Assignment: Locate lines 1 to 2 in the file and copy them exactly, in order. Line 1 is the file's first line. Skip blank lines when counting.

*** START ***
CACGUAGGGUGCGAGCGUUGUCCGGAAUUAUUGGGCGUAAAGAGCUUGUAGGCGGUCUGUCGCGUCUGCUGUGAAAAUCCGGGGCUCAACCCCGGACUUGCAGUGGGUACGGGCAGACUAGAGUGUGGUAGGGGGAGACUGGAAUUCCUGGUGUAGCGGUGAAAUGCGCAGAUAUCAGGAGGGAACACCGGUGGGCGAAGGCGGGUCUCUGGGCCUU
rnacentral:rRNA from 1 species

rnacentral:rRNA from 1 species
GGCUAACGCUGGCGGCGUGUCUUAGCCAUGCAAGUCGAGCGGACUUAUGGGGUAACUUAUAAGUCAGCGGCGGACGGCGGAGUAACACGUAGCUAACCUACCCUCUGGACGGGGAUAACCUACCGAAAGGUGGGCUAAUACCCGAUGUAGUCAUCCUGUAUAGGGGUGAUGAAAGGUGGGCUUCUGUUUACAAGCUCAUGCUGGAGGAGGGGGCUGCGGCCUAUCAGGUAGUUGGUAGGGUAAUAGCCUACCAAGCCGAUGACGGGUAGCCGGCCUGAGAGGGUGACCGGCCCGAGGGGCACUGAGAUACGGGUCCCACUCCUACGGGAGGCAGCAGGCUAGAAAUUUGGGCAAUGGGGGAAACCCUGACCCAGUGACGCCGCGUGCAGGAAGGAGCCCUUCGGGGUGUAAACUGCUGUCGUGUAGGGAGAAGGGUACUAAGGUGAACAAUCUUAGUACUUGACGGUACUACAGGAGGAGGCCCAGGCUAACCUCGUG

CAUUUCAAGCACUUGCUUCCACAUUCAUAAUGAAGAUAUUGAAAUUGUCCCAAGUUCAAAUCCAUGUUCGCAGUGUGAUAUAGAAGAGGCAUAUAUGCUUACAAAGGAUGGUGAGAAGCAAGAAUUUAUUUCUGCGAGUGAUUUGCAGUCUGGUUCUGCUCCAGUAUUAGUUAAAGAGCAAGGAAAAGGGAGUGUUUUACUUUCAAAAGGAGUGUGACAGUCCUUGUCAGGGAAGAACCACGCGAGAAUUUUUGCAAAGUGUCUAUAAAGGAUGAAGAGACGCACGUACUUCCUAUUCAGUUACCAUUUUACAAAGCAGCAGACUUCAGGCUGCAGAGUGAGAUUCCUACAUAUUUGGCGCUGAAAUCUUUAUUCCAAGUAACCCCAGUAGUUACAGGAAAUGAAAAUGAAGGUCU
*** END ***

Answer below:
CACGUAGGGUGCGAGCGUUGUCCGGAAUUAUUGGGCGUAAAGAGCUUGUAGGCGGUCUGUCGCGUCUGCUGUGAAAAUCCGGGGCUCAACCCCGGACUUGCAGUGGGUACGGGCAGACUAGAGUGUGGUAGGGGGAGACUGGAAUUCCUGGUGUAGCGGUGAAAUGCGCAGAUAUCAGGAGGGAACACCGGUGGGCGAAGGCGGGUCUCUGGGCCUU
rnacentral:rRNA from 1 species